본문 바로가기
  • Home

INVESTOR - STATE ARBITRATION UNDER ENERGY CHARTER TREATY

  • Journal of International Business Transactions Law
  • Abbr : IBT
  • 2016, (15), pp.63-92
  • Publisher : The Institute for Legal Studies Dong-A University
  • Research Area : Social Science > Law > Private Law > International Commercial Transactions Law

KIM DAEJUNG 1

1동아대학교 국제전문대학원 국제중재학과

Candidate

ABSTRACT

The Energy Charter Treaty (ECT) was initiated by European countries including Russia, the EU and it was opened for signature in Lisbon on December 17, 1995. The ECT is by far the most widely ratified investment protection agreement as to an important economic sector, energy. The ECT differs from other multilateral investment treaties, which are regional in nature, in that the Treaty has a potentially global reach. The ECT provides substantive protections to foreign investors when they invest in the ECT, thereby stimulating foreign investment by protecting investors from abroad. Article 26 of the ECT provides the procedures for an investor of a investor-state arbitration and it states host state’s unique unconditional consent to an arbitration with only a few exceptions. Investors choose to submit the dispute for resolution among ICSID, UNCITRAL Arbitration Rules and the Arbitration Institute of the Stockholm Chamber of Commerce. A landmark ECT arbitration Yukos Universal Ltd. v. Russian Federation was ruled in November 2009 pursuant to the Energy Charter Treaty on the allegations including expropriation, and decision to reject Russia's objections to the arbitral Tribunal's jurisdiction and the admissibility of the claims. Nykomb's claim was based on a disagreement as to the appropriate tariff applicable under a contract for the production of energy. Nykomb asserted that non-payment of the double tariff amounts constituted indirect or creeping expropriation under the ECT Article 13(1). Petrobart claimed that the Kyrgyz government intervened in the judicial proceedings and executive decrees that ordered KGM's reorganization failed to provide a Fair and Equitable Treatment(FET) under Article 10(1) of the ECT. Although the ECT may be considered to be one of the most successful international investment treaties, many of the prominent energy consuming and exporting states such as the US and Canada are still not parties to it. Unconditional consent to an arbitratiotn under Article 26 should be more closely analyzed for the benefit of both investor and host state. In this perspective, NAFTA jurisprudence will serve best given the aggregate number of arbitral decisions. The ECT is sill in its initial phase to progress, and the number of investor-state arbitration is still growing. Our concern now could be as to when and how Korea will join the ECT and how Korea will use the dispute settlement mechanism wisely. This could further help Korea initiate a Northeast Asian energy cooperation regime in the near future.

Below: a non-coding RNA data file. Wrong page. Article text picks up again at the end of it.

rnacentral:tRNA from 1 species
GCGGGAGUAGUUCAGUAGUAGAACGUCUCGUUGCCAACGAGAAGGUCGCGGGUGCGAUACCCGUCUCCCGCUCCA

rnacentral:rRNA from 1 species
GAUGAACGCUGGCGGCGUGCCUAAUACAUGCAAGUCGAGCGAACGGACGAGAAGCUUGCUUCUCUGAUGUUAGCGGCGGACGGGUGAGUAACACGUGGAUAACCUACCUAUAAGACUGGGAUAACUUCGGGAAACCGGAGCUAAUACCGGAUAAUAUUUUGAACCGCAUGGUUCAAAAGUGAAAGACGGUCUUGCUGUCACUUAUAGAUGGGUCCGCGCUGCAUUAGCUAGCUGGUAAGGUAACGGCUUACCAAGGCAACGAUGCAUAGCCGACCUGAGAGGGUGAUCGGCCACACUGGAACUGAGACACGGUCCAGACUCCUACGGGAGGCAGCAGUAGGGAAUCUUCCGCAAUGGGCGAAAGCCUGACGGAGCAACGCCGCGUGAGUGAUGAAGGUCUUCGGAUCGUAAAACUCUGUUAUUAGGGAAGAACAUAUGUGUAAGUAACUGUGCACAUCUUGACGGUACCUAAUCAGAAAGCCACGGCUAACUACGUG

Citation status

* References for papers published after 2022 are currently being built.